Blitzen loves mail, and she rarely opens our mailbox without a happy surprise addressed to her.  Recent treasures included multiple Thanksgiving cards, a statue of Winnie the Pooh from my father, passed down rain and snow gear and homemade hats from a cousin, a card and favorite art supplies from our four year-old niece, a jewelry-making kit from our friends, an introduction to a rarely-seen fairy from a friend in Minnesota and a photo-filled letter from our cousin’s dog in Pennsylvania.  On the way are a package of hand-me-down rain and snow gear and We’re working on writing y’all back.  The concept of penpals is thrilling to Blitzen, who hopes to correspond with humans, dogs and fairies alike.

The in-person love is rolling in as well.  Blitzen was feted and gifted by aunts at Thanksgiving.  A friend at my school gave her a delightful assortment of beads.  A music teacher friend/backup provided child care and music lessons.  Friends have met us in the park and we’ve had playdates with their dogs.  Friends with two young children took a four-hour round-trip train journey to spend two hours playing with Blitzen.  This weekend, my mother, a child development expert and grandma extraordinaire, flew in and is spending several days working/playing with Blitzen and us, helping us establish routines and sprinkling loving pixie dust.

Blitzen feels the love. Carrie and I do.  Thanks, friends.

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So, it is kind of like dating.   We’ve moved from hinting to sweet talking to the full-fledged ask.  Usually starts with a dinner out, then a friendship version of a love note and then, the proposal — just jump in, worst that can happen is that they say no.

Dear Friend or Friends-coupled,

Last time we had dinner (or went to the ballgame or that wild cocktail party)  I mentioned that the agency requires  that we establish a community of people that are willing to support us in our foster parent journey.  The whole ‘it takes a village’ approach made official.  Since we have some family in town but not a ton, we’re also looking to a few of our friends that we love and trust (that would be you) and we are asking if you would be willing to be a ‘back-up’ (that is official foster agency lingo there).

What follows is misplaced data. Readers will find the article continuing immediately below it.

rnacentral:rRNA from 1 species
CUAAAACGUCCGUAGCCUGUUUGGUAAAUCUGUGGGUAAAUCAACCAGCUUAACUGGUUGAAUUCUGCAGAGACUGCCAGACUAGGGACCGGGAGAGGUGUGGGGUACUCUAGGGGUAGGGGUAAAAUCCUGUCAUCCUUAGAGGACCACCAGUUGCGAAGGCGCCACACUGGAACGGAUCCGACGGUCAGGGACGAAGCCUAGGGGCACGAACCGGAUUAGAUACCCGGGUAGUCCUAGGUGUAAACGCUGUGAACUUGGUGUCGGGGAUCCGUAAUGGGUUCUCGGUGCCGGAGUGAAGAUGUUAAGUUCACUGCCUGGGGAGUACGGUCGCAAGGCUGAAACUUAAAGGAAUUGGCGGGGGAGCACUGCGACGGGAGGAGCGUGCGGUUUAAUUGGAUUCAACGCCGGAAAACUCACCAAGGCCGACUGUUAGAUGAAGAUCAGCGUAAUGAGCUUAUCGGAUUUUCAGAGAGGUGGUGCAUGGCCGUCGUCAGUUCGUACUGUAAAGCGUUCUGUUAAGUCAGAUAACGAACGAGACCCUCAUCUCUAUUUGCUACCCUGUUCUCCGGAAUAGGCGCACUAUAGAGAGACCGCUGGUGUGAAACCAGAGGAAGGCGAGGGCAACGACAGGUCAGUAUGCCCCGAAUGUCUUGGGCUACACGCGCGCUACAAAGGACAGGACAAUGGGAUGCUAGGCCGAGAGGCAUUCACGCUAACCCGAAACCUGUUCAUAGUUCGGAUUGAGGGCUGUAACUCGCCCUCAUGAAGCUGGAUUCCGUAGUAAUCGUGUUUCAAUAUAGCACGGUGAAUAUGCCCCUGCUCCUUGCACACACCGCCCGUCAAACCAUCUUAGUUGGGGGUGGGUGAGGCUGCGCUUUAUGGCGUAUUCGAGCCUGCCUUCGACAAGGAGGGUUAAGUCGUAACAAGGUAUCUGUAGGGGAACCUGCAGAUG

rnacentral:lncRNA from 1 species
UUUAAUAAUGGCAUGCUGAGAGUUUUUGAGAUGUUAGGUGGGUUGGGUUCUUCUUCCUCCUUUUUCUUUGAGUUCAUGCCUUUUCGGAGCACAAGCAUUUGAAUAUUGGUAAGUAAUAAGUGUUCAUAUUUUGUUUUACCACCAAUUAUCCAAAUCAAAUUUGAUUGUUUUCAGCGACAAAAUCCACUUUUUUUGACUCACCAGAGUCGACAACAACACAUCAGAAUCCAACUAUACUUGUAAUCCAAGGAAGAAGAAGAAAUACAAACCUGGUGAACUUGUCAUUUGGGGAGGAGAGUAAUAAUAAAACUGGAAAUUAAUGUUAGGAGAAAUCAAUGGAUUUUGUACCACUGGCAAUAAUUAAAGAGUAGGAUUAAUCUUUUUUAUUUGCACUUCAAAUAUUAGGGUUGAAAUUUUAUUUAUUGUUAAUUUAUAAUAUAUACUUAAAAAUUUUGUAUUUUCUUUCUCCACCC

I am sure you are thinking – Ummm, what does back-up mean?  A back-up is someone that is willing to get to know our wee-one and is willing to be involved and engaged in our lives (as you already are and as your schedule allows – you are not required to attend every school play although you will probably want to, I am sure) and would be able to help out in an emergency or make yourself available for a routine babysitting gig.  Being a back-up means you can supervise and watch the foster-wee when we are not present.

Ummm, what do we need to do? is surely your next question. You would to fill out the attached form (it is a little scary how not technically savvy the agency is but you can fill this out with a pen directly on the form).  This form allows the agency to conduct a background check to ensure that you are not a registered sex offender or child abuser in our state.  The most difficult part is remembering your addresses for the last 28 years (yes, 28 YEARS).  You do not need to get fingerprinted but you will need to meet XXXX, our social worker, at some point so she can eyeball you and make sure that you don’t look like an ax murderer, at least.  She’ll also ask you some questions about our relationship with you, your discipline philosophy, whether you actually like kids, etc.

So, let us know if you are in.  If you decide that you just can’t do it, don’t worry – you’ll still be invited to all of the school plays.

Love – C and A